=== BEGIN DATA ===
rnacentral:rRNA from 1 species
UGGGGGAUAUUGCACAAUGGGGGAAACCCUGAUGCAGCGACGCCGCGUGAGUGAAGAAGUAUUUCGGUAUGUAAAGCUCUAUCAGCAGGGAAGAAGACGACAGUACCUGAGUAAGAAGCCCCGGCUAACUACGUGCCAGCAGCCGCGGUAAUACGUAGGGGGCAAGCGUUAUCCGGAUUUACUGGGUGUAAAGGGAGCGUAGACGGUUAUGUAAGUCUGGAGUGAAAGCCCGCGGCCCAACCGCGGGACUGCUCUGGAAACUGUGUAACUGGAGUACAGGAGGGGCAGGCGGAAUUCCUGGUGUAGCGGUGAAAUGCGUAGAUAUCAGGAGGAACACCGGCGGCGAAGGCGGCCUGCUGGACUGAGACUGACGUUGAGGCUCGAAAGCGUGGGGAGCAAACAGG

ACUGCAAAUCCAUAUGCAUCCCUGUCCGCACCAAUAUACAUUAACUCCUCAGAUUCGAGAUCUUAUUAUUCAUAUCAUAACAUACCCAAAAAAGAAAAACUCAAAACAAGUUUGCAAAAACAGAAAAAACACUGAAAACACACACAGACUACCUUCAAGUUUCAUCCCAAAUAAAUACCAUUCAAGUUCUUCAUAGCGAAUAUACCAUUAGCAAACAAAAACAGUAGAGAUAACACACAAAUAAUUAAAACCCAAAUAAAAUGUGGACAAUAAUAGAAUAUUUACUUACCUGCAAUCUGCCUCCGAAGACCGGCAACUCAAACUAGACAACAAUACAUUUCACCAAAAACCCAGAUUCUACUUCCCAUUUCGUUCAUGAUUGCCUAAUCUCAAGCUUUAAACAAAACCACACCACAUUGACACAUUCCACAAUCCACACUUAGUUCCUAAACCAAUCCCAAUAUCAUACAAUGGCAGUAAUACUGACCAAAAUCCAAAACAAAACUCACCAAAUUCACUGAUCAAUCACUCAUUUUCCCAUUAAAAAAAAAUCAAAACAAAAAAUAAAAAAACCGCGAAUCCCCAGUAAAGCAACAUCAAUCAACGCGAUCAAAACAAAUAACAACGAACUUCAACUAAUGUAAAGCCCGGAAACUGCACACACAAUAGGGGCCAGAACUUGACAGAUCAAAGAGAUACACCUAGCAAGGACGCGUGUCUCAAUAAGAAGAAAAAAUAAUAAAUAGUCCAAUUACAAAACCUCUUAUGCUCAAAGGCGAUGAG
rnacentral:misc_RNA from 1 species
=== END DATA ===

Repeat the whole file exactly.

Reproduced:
rnacentral:rRNA from 1 species
UGGGGGAUAUUGCACAAUGGGGGAAACCCUGAUGCAGCGACGCCGCGUGAGUGAAGAAGUAUUUCGGUAUGUAAAGCUCUAUCAGCAGGGAAGAAGACGACAGUACCUGAGUAAGAAGCCCCGGCUAACUACGUGCCAGCAGCCGCGGUAAUACGUAGGGGGCAAGCGUUAUCCGGAUUUACUGGGUGUAAAGGGAGCGUAGACGGUUAUGUAAGUCUGGAGUGAAAGCCCGCGGCCCAACCGCGGGACUGCUCUGGAAACUGUGUAACUGGAGUACAGGAGGGGCAGGCGGAAUUCCUGGUGUAGCGGUGAAAUGCGUAGAUAUCAGGAGGAACACCGGCGGCGAAGGCGGCCUGCUGGACUGAGACUGACGUUGAGGCUCGAAAGCGUGGGGAGCAAACAGG

ACUGCAAAUCCAUAUGCAUCCCUGUCCGCACCAAUAUACAUUAACUCCUCAGAUUCGAGAUCUUAUUAUUCAUAUCAUAACAUACCCAAAAAAGAAAAACUCAAAACAAGUUUGCAAAAACAGAAAAAACACUGAAAACACACACAGACUACCUUCAAGUUUCAUCCCAAAUAAAUACCAUUCAAGUUCUUCAUAGCGAAUAUACCAUUAGCAAACAAAAACAGUAGAGAUAACACACAAAUAAUUAAAACCCAAAUAAAAUGUGGACAAUAAUAGAAUAUUUACUUACCUGCAAUCUGCCUCCGAAGACCGGCAACUCAAACUAGACAACAAUACAUUUCACCAAAAACCCAGAUUCUACUUCCCAUUUCGUUCAUGAUUGCCUAAUCUCAAGCUUUAAACAAAACCACACCACAUUGACACAUUCCACAAUCCACACUUAGUUCCUAAACCAAUCCCAAUAUCAUACAAUGGCAGUAAUACUGACCAAAAUCCAAAACAAAACUCACCAAAUUCACUGAUCAAUCACUCAUUUUCCCAUUAAAAAAAAAUCAAAACAAAAAAUAAAAAAACCGCGAAUCCCCAGUAAAGCAACAUCAAUCAACGCGAUCAAAACAAAUAACAACGAACUUCAACUAAUGUAAAGCCCGGAAACUGCACACACAAUAGGGGCCAGAACUUGACAGAUCAAAGAGAUACACCUAGCAAGGACGCGUGUCUCAAUAAGAAGAAAAAAUAAUAAAUAGUCCAAUUACAAAACCUCUUAUGCUCAAAGGCGAUGAG
rnacentral:misc_RNA from 1 species